'Ship is sinking': School performance levels of Belgian pupils slipping dramatically

'Ship is sinking': School performance levels of Belgian pupils slipping dramatically
Credit: Belga/ Nicolas Maeterlinck

An international assessment of students has highlighted an unprecedented drop in pupils' performance, including in Belgium. Pupils scored particularly poorly in reading and maths.

The OECD Programme for International Student Assessment (PISA) is the most important comparative survey between countries in terms of education. Overall, on average, the PISA 2022 assessment saw an unprecedented drop in performance across OECD countries.

The assessment is the first large-scale study to show how the Covid-19 pandemic affected student performance, and it found that the health crisis negatively impacted education in all developed countries. However, Covid-19 was only partly to blame, as falling scores in literacy, science and maths were visible even before 2018.

No scores were released for Belgium as a whole, as education is a competence of the communities. Instead, two reports were published: one for Dutch-language education and another for French-language schools. Both recorded a decline in performance among pupils, but the extent of it varied significantly.

Historic drop

In Dutch-language education, traditionally at the top of the league, the decline was particularly pronounced, mirroring the results of other recent studies.

Performance levels fell much faster than in almost all other countries, with no such drop recorded since the first survey in 2003. The reading skills of young people in Dutch-language education fell by 19 points, compared with an average drop of only ten points in OECD countries.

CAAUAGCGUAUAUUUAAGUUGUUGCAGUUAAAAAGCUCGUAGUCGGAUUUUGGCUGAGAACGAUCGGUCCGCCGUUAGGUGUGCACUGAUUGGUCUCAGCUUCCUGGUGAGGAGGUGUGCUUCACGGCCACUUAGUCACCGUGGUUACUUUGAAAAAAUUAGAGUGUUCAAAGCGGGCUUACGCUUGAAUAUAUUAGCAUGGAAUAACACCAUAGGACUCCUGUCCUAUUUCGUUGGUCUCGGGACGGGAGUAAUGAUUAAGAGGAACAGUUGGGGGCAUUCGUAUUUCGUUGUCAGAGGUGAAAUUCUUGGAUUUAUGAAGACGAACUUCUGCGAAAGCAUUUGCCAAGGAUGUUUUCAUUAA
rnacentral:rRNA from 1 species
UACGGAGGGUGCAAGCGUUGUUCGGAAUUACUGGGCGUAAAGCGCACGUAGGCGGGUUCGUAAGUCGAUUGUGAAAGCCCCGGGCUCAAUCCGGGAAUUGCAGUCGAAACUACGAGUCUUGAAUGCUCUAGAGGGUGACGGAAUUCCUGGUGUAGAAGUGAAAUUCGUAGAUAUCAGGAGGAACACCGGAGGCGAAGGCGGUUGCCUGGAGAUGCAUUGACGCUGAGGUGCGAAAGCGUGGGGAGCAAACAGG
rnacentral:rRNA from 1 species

There are only four countries – the Netherlands, Finland, Iceland and Greece – where long-term levels for reading and science fell faster than they did in these schools in Brussels and Flanders. For maths, only two countries performed worse.

Flemish Education Minister Ben Weyts was stoic in his response to the survey's findings, stating that they "should not discourage us, but encourage us to persevere with the arsenal of reforms we have been rolling out since 2019." He recognised that the recent reforms came too late for the pupils in this survey, but added that they were "necessary for the future."

However, other politicians were not quite so forgiving. The results immediately generated a salvo of criticism from the opposition parties. "Minister Weyts was going to put the ship back on course. But instead of taking a turn, the ship is sinking," Groen co-president Nadia Naji said. Hannelore Goeman of the socialist Vooruit party also declared that the Flemish Government had no strategy or specific idea for improving education.

Still behind Flanders

However, these pupils nevertheless performed better than most of the other countries surveyed, including their counterparts in Belgium's French-speaking schools.

The French-speaking part of the country achieved a score of 474 points in maths, down from its 2018 score of 495. While this is still above the OECD average (472 points), it falls well behind Flanders (501).

While these schools have a very high rate of underachievement, there has however been an increase in the number of pupils who are on schedule or ahead of the schedule for their age since 2015. Reading and science also seems to have suffered less as the drop in levels here is far less pronounced than in maths.

Related News

Education Minister Caroline Désir labelled the results as evidence that French-speaking Belgium has withstood the effects of the crisis well in terms of learning, and even better than several countries or entities that usually perform very well. However, she did agree that she could not be satisfied with this observation.

"The objective for the future is to achieve a real improvement in these results," she said, pointing to the gradual implementation of various reforms currently underway as part of the Pact for Excellence in Education.

Copyright © 2024 The Brussels Times. All Rights Reserved.